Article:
Wednesday, May 21, 2014

The Story in the Sink

There is a wealth of information in a sink of dirty dishes: A cutting board covered with remnants of oranges and strawberries and tomatoes, each not leaving a big enough mess to warrant a cleaning before reuse. Multiple small containers, coated with a thin layer of sand and ash, alongside remnants of items stored for a lunchtime picnic at the beach. Four (or was it six?) bowls streaked with dried oatmeal from three days' breakfasts unattended. 

If the highchair tray came with multiple covers, they'd be stacked by the sink too.

The weather forecast has been favorable this month, with only a half inch rain and a delicious abundance of sun, a welcome contrast to the fifteen inches we received in January.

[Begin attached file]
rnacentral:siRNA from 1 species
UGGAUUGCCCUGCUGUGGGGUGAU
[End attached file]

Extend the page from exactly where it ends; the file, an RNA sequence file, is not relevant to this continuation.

This island we live on is green, with weather that is notoriously harsh. A friend visiting in March commented on what a distinct look seaside towns have: houses with exterior paint gradually peeling or chipped, foliage with hearty root systems to survive the ever present wind, so many trees and fences and walkways leaning. Weathered. All of it.

And so when the sun comes out and the wind eases up, so do the people--with as much time as real life allows. I spent two hours after my daughter went to bed cleaning: laundry and dishes and bathrooms. I unpacked from last weekend's track meet and began to repack for this weekend's final meet. It seems that the evening, after the sun has dipped below my backyard spruce trees with glistening rays through my kitchen window, is the only prudent time to get such work done. 

Eventually these tasks demand attention, when the baby runs out of clean pajamas, and there isn't a clean spoon in the house. Until that breaking point, I exercise my freedom to ignore. There will always be housework; alas, there will not always be sun...especially in this town. 

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